The technology that powers artificial intelligence is prone to machine-learning bias, which means it has a tendency to mirror human prejudices that exist in society. When it comes to money, that shows up in several ways: Algorithms that determine who should get loans have been shown to discriminate against people of color. Those very same algorithms are responsible for telling those very same people how to invest their money. There have also been cases where men and women with the same credit scores, incomes and expenses, are approved for varying credit limits—the men always receiving more (in one case, 20 times higher).

Robots aren't sad about losing your money

AI is not a fiduciary. That means it's not obligated to act in your best interest.

Wait, what exactly is a robo-advisor?

Technically, it's not a robot at all. It's technology that provides automated financial information and guidance. If you've ever chatted with customer service "bots" online, it's a similar experience. But with robo-advisors, the conversations often appear on your phone like you're texting with a financially savvy friend.

Different services offer different things. But, generally, you answer a few questions about your money goals, income, age, and financial situation. From there, you can ask your robo-advisor anything, from the general (What's an ETF?) to the specific (How can I pay off my credit card debt in three years while not giving up my love of travel?). What would perhaps take you hours—days!—to calculate, takes the algorithm mere seconds.

When it comes to investing, AI scrapes through existing data to help find investments that make sense for you and your specific scenario. No appointment required.


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It's Cool to Use AI For...

  • Generating personalized negotiation letters to help you lower monthly expenses, like rent, car insurance, or credit card fees
  • Assessing your spending patterns—whether you're planning for a wedding or aiming to spend less on eating out—and providing insights to improve your budget planning
  • Detecting fraud for credit card transactions by analyzing typical spending patterns and spotting unusual transactions

But Maybe Not For...

  • Answering super-personal finance-related questions that can’t be based off pre-existing data
  • Any financial decisions that involve more than $1,000 (find yourself a good old-fashioned human for that, as it’s good to have a gut check)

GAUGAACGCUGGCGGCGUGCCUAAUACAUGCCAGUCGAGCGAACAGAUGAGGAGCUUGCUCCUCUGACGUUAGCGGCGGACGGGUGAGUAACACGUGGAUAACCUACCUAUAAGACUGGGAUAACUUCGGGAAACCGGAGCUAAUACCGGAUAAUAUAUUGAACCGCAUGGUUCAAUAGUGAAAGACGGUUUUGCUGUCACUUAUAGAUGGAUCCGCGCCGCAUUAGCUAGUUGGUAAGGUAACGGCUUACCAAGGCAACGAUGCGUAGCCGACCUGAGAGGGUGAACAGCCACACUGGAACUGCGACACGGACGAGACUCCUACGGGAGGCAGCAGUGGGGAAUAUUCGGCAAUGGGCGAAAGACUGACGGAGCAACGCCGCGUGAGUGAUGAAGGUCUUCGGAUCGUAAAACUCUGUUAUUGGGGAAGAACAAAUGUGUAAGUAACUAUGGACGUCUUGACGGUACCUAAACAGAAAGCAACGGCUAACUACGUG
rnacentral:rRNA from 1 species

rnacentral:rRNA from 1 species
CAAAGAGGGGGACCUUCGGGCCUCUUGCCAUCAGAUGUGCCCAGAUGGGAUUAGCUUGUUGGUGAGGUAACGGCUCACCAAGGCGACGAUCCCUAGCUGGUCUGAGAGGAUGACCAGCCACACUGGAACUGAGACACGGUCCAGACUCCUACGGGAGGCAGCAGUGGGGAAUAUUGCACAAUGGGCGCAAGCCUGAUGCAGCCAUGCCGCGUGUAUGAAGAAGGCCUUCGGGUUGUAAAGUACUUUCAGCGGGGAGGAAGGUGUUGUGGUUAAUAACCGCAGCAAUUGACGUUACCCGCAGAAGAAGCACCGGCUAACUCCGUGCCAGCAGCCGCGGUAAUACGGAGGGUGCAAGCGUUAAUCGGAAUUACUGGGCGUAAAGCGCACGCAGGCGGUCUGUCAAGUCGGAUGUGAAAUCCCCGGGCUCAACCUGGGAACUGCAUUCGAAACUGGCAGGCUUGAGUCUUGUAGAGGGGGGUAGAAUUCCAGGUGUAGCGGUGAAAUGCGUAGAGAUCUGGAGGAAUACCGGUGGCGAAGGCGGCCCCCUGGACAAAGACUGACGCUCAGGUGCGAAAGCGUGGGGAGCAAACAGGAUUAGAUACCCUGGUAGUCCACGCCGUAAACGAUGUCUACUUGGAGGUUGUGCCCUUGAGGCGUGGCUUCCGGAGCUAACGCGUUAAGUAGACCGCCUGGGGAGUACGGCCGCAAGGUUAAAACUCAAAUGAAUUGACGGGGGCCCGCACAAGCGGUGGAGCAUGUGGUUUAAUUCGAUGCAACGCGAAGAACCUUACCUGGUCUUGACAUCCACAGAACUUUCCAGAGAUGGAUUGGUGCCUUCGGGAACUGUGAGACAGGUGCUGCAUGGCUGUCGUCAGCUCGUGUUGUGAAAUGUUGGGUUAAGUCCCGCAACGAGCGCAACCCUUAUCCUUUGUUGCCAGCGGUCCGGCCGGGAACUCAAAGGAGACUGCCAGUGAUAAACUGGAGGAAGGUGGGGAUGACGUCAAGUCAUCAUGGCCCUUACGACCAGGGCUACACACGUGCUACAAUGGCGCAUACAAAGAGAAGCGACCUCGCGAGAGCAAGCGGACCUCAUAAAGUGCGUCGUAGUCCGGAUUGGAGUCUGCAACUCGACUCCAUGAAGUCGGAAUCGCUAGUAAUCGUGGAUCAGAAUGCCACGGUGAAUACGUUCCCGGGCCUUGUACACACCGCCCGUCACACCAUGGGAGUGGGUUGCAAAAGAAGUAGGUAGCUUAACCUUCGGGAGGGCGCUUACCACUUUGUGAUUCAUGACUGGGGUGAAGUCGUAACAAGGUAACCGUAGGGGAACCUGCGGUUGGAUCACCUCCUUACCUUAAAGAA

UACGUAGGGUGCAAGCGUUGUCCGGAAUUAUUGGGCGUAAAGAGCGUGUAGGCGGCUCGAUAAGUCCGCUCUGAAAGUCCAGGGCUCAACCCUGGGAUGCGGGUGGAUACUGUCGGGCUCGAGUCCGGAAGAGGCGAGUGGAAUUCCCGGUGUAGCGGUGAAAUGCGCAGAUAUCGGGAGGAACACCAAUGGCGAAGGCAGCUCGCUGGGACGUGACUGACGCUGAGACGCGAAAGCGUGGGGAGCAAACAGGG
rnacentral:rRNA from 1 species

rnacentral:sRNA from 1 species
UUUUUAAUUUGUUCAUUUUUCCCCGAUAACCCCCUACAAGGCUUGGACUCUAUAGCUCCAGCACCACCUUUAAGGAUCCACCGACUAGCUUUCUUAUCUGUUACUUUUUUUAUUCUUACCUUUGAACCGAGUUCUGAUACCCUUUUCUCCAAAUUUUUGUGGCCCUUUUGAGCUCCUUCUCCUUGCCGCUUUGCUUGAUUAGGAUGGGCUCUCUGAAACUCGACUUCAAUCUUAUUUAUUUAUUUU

• Helping with any emotion-based budget planning money decisions, like experiences you should or shouldn’t spend your money on


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Will Robots Replace Human Financial Planners?

"We're not convinced it can replace the responsiveness, empathy, and complex thinking that humans are capable of. While a good deal of AI tech does exist to make our lives easier, we don't think it can take the place of a living, breathing, ever-evolving humans when it comes to financial planning." —Sallie Krawcheck, Ellevest founder and CEO

"The answers provided by AI are not always 100 percent correct, and a human financial advisor is needed to interpret the results and provide actionable suggestions. You can think of an AI financial planning system as the assistant that empowers the human advisor to do more. AI lacks the human touch, emotional intelligence, and ethical considerations for financial planning. AI and human advisors will more likely work in tandem, with AI handling data-driven tasks while humans tackle the more subjective, complex aspects of financial planning." —Professor Daniela Rus


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"I think it's possible that some of the more routine work that financial planners do could be replaced with AI. If you could talk to a bot that elicits from you what your priorities and preferences are—and has your financial information and retirement or other plans—it could potentially help you plan ahead." —Professor Cynthia Rudin

"No, we don't believe human advice will ever go away. The machines do a great job synthesizing and organizing insights and knowledge, but it takes humans to create those ideas in the first place. Machines regurgitate what they are taught, and it takes humans to teach them, so with that in mind we can't see a world where machines take the place of human insight." —Koren Picariello

Alexis Benveniste

Alexis Benveniste is a New York-based writer and editor who covers business, travel, culture, beauty and commerce. She has written for The New York Times, Vanity Fair, Bloomberg, and other outlets.